Light The Way - Matthew 5:14-16
A little boy forgot his lines in a Sunday School presentation.
His mother, sitting in the front row to prompt him, gestured and formed the words silently with her lips, but it didn't help. Her son's memory was blank.
Finally she leaned forward and whispered the cue, "I am the light of the world."
The child beamed and with great feeling and a loud, clear voice said, "My mother is the light of the world."
This little boy, while missing his line, offered a truth about his mom that echoed the words of Jesus in the Gospel of Matthew. Jesus said to those who had chosen to follow Him, to listen to His words, those that had gathered on that hillside, “You are the light of the world.”
This pronouncement that the people of God are the light of the world followed directly after his pronouncement that they were also considered the “salt of the earth.” We remember from two weeks ago that as the salt of the earth we are called to give seasoning/flavoring to what would otherwise be a dull, drab existence, and as salt, we are that which preserves and protects God’s creation.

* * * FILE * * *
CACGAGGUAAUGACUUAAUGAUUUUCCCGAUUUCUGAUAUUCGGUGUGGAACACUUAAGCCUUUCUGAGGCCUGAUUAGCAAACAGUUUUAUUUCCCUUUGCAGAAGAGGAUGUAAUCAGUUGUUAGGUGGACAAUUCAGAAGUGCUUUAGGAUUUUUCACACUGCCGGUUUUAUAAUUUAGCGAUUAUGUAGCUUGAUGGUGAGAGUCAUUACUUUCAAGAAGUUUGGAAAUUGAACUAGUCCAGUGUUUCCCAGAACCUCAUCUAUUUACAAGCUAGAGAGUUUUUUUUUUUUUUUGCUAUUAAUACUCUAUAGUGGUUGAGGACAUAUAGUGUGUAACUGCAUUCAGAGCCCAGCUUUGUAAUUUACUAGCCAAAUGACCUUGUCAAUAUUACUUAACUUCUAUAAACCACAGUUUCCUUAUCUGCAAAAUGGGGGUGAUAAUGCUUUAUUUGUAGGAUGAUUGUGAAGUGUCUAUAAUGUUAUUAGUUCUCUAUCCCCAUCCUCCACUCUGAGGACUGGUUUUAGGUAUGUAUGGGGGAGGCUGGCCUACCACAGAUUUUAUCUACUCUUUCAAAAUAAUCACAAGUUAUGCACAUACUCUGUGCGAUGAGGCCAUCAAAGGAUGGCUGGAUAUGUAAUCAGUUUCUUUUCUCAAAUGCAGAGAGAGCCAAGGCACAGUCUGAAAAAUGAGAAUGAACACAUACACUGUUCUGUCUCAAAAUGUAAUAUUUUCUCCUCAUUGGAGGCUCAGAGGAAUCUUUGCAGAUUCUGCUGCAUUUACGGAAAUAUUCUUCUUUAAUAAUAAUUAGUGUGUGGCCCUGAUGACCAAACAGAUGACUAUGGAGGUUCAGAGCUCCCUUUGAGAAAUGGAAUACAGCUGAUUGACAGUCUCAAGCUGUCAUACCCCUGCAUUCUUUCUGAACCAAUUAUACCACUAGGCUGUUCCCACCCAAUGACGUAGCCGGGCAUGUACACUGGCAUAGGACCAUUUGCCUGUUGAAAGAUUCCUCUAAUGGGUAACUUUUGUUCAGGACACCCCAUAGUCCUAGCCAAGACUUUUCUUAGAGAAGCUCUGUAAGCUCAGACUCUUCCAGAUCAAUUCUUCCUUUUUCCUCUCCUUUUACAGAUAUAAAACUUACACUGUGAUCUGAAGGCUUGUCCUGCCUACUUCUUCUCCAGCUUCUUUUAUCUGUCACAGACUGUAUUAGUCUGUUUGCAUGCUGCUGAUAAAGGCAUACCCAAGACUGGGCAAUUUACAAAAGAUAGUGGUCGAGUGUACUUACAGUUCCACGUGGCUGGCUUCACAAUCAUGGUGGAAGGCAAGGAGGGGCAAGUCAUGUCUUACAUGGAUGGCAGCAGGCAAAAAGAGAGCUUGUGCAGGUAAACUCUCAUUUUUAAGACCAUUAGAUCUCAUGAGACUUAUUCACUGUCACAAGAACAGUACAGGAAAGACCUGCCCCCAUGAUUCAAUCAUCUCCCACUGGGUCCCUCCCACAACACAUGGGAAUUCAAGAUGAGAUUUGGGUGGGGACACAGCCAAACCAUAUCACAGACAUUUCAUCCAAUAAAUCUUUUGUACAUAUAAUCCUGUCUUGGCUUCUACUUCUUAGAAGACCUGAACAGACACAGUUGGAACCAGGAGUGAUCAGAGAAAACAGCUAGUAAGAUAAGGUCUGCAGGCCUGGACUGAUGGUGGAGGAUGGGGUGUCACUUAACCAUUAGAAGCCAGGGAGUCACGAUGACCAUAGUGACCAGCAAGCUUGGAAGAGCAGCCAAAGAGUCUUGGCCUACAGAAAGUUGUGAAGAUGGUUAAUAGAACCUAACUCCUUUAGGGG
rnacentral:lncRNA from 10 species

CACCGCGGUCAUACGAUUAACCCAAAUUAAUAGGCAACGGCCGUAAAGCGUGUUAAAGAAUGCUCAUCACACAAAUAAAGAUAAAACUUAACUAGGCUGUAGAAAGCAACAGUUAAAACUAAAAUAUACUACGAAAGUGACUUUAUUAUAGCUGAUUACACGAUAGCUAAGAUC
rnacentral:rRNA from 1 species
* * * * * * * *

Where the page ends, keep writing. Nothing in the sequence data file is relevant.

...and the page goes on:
Jesus, though, wants to expand our understanding of our role as God’s people beyond just that which flavors, preserves, and protects. Jesus wants us to understand that we are light. What does light do? Light dispels, light draws, and light displays.
Light dispels…light dispels darkness. What is the first thing you do if you walk into a dark room? You turn on the light. Why? To brighten the room and rid it of darkness. Light relegates the darkness to shadows, and brightens all around us in the room
We live in a world that is marked more by darkness that it is by light, a world where more and more people live in depression or with a fatalistic view of our existence. A world in which many choose to turn to violence, abuse, addictions, or even self-inflicted pain, like cutting or attempting suicide in an effort to escape the darkness, only to find themselves, having used tools of darkness, still lost or trapped within it.
As the light of the world, we are called to enter into this darkness and dispel it—driving it back out of people’s lives to the shadows in which it belongs.
Maybe this is done with efforts like these Christmas shoeboxes that will be delivered to children who have known little other that the violence of war, lives where the darkness of hatred and death have covered them. These gifts seeking to begin dispelling the darkness by letting them know that they are loved.